Eccentrics and eccentricities
Subject:
Characters and characteristics
Subject:
General Biography
Subject:
General Literary Criticism & Collections
Copyright:
Edition Description:
Trade Cloth
Publication Date:
20050712
Binding:
Hardback
Grade Level:
General/trade
Language:
English
Pages:
272
Dimensions:
8.25 x 5.5 in 0.0 lb

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Related Subjects

Biography » General
Humanities » Literary Criticism » Literary and Cultural Studies

Character Studies: Encounters with the Curiously Obsessed Used Hardcover
0 stars - 0 reviews
$17.95 In Stock
Product details 272 pages Houghton Mifflin Company - English 9780618197255 Reviews:
"Publishers Weekly Review" by , "Many, if not all, of the profiles in Singer's latest work (after Somewhere in America) are already lodged firmly in the memories of New Yorker readers, and not just because so many of his subjects — Donald Trump, Ricky Jay, Martin Scorsese — are so remarkable. In fact, it's often in the stories about lesser-known personalities, from a Japanese-American farming family that supplies California's hottest restaurants with their vegetables, to a convention of Tom Mix fans in Las Vegas, that Singer's talents, including his ability to seem at once sympathetic to and skeptical of his subjects, are most visible. While a remembrance of his colleague Joseph Mitchell, who famously spent his last three decades at the magazine without completing a new article, highlights Singer's more personal, introspective side, in most of these stories he's a semidetached observer: you never forget he's there, but your attention is never diverted from the main attraction. In an introduction, Singer describes his reporting as 'sublimated voyeurism' and 'cultural anthropology.' The dual descriptions perfectly encapsulate his entertaining yet informative journalism, and the work itself places him at the head of the New Yorker's current team of staff writers. Agent, Jin Auh. (July 12)" Publishers Weekly (Copyright Reed Business Information, Inc.)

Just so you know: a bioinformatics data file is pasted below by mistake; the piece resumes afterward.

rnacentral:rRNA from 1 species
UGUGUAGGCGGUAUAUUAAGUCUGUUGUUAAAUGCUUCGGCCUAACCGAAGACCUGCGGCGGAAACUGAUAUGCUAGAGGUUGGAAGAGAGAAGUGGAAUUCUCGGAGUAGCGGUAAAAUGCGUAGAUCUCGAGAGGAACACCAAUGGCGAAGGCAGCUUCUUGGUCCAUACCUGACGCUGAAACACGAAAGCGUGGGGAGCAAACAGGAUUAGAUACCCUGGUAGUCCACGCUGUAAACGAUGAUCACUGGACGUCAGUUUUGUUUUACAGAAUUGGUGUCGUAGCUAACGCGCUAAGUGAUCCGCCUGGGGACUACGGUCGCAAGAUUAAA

"Review A Day" by , "Singer's collection of profiles constitutes a voyage worth taking. Readers who embark will savor many of the same pleasures served up by the New Yorker itself: intelligent and humorous delivery, a willingness to linger over detail, detours to some off-the-map destinations, and just plain good writing." (read the entire Christian Science Monitor review)
"Synopsis" by ,
In these characteristically incisive essays, Mark Singer profiles eccentrics, monomaniacs, and other remarkable people he thinks we ought to meet. He takes us into the worlds of the sleight-of-hand master Ricky Jay, the ardent bibliophile Michael Zinman, and better-known personalities such as the entrepreneur Donald Trump and the meticulous filmmaker Martin Scorsese. He interviews a devoted fan of the cowboy movie star Tom Mix and a group of Texans who are determined to recover the skull of Pancho Villa from Yale's Skull and Bones society, among others. A riveting tour of obsession, Character Studies reveals the passions that drive the ordinary, the quirky, and the truly, fanatically fixated.